Scheduling and local staff changes as barriers: While collaboration was a key target of the current program, several barriers were cited by parents, such as scheduling and local support staffing changes, that impacted on the ability of the tele-therapist to collaborate with the child’s team. These results are consistent with findings on the retention difficulties experienced in regional and remote areas2,3. These barriers, however, may have been experienced regardless of the mode of delivery.
I was telling them [educators] about some of the programs that we’ve been working on, and they pretty much just said, ‘Well, we’ve got our own, and that’s what we do’. (Parent)
I think we tried to involve his school, but I think that his teacher also signed up for two other things at the same time. (Parent)
Interestingly, and unlike previous studies10,11, difficulties with technology was not reported as a barrier in the delivery of tele-therapy services. As technology continues to improve, and the use of high quality, off-the-shelf platforms such as Zoom become more consistent, it is hoped that technology will no longer serve as a barrier in the effective delivery of tele-health services in regional and remote areas.
Although the sample size was adequate in meeting data saturation, a limitation of this study is that the authors may not have captured adequate data from regional and remote allied health professionals to understand the impact of tele-therapy in their local community and job role. Also, the small sample is restricted to regional and remote areas of NSW, and therefore may limit generalisation to other areas of Australia.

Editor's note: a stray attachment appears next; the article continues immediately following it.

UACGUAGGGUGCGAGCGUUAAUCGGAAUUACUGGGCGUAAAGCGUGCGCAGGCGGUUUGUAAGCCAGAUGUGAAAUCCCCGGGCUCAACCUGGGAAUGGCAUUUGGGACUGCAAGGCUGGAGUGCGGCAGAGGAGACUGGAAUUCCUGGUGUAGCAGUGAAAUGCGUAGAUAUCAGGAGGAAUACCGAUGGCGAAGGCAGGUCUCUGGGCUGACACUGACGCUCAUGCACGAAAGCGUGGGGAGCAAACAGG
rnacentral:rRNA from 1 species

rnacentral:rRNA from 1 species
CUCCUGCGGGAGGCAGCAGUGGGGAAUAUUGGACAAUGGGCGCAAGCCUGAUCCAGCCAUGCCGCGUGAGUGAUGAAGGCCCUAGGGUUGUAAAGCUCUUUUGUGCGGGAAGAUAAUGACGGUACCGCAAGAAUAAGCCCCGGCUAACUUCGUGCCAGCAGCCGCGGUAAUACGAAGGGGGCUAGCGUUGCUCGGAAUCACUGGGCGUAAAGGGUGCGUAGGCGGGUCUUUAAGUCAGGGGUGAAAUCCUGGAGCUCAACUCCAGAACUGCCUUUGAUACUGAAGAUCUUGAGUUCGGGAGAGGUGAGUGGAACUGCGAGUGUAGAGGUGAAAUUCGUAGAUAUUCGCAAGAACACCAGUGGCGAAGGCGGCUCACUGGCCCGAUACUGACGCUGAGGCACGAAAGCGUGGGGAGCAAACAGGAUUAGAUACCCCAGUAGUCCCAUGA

This research adds to the growing body of information supporting the use of tele-practice for geographically isolated regions. Interviews with all involved in the tele-therapy pilot indicated that online services are filling a gap in regional and remote autism-specific service provision. The service was reported to increase collaboration and access to specialists. Larger scale research is needed to investigate a blended model of service delivery so that an optimal ratio of online and in-person support can be established. There is a need for further research to investigate innovative ways in which allied health services that require physical interaction can be effectively delivered via tele-therapy. Overall, the project indicates that the delivery of allied health disability services to individuals on the spectrum is a feasible and acceptable platform for autism-related support.
The authors acknowledge all participants in the project, including individuals on the autism spectrum, their families and local support networks, as well as the tele-therapists. They also acknowledge the support provided in the form of an Innovative Workforce Fund grant, administered by National Disability Services with funding from the Australian Government Department of Social Services.